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Legal Checklist for What to Do When Someone Dies

When a loved one passes, it can be difficult to focus on much other than grief. It is important to take the time you need and seek resources and support from other people to help with the grieving process.

You may feel a little overwhelmed with all that needs to be done. Planning a funeral and a memorial service may seem daunting, let alone making sure the decedent’s wishes for their assets and property are honored. If you are dealing with the recent passing of a loved one, consult this legal checklist for assistance in managing the probate process, choosing a trusts and estates attorney, and more.

Contact Family and Friends. Depending on the specific situation, you may be in a position where you need to let the person’s loved ones know about their passing. All families are different and handle loss in different ways. However, in general, family members should know very soon after the person has passed. Employers, schools, social groups, and clergy members may also need to be notified. It is important that people who knew the decedent are notified personally and do not learn about their passing in a secondhand manner.

Obtain Legal Documentation of Death. Documentation is essential when a person passes away. These documents are often issued by the hospital or medical care facility personnel. About 10 copies of the death certificate should be obtained from the mortuary or funeral home, as financial institutions and insurance companies may require copies.

Locate the Last Will and Testament. Many people create wills with the assistance of will and trust attorneys to ensure their assets are distributed according to their wishes. End-of-life arrangements and advance directives are often also prepared.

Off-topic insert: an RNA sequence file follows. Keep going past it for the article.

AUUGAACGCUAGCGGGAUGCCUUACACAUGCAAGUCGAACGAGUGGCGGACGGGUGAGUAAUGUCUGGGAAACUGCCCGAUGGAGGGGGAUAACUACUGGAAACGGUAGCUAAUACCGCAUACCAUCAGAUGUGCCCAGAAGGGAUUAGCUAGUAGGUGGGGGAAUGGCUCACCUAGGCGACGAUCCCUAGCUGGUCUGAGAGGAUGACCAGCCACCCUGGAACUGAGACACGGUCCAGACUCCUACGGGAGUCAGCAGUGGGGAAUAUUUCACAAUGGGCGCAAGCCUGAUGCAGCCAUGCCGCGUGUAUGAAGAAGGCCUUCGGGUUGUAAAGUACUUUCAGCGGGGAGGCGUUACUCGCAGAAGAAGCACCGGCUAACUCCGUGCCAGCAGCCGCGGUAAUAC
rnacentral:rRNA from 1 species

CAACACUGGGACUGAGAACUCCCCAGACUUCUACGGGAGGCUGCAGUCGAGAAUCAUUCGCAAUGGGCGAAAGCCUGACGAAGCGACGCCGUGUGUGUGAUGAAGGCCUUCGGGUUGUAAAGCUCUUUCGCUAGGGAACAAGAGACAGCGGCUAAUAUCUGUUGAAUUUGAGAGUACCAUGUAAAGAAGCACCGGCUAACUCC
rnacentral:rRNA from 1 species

If unknown, determine the location of these documents by communicating with close family members or the decedent’s attorney. If no wishes have been documented, consult with the closest family members regarding arrangements.

Choose a Funeral Provider and Cemetery. Do some research and choose a funeral service that can help walk you through the process of memorializing your loved one. A respectful ceremony that takes into account the person’s cultural and/or religious values will make the grieving process and legal measures easier for the family.

Identify the Executor of the Will. If a will exists, the executor must obtain a letter of testamentary from a probate court. This letter gives the executor the authority to settle the business of the decedent. If there is no will, a spouse, a partner, or another family member can obtain a letter of administration.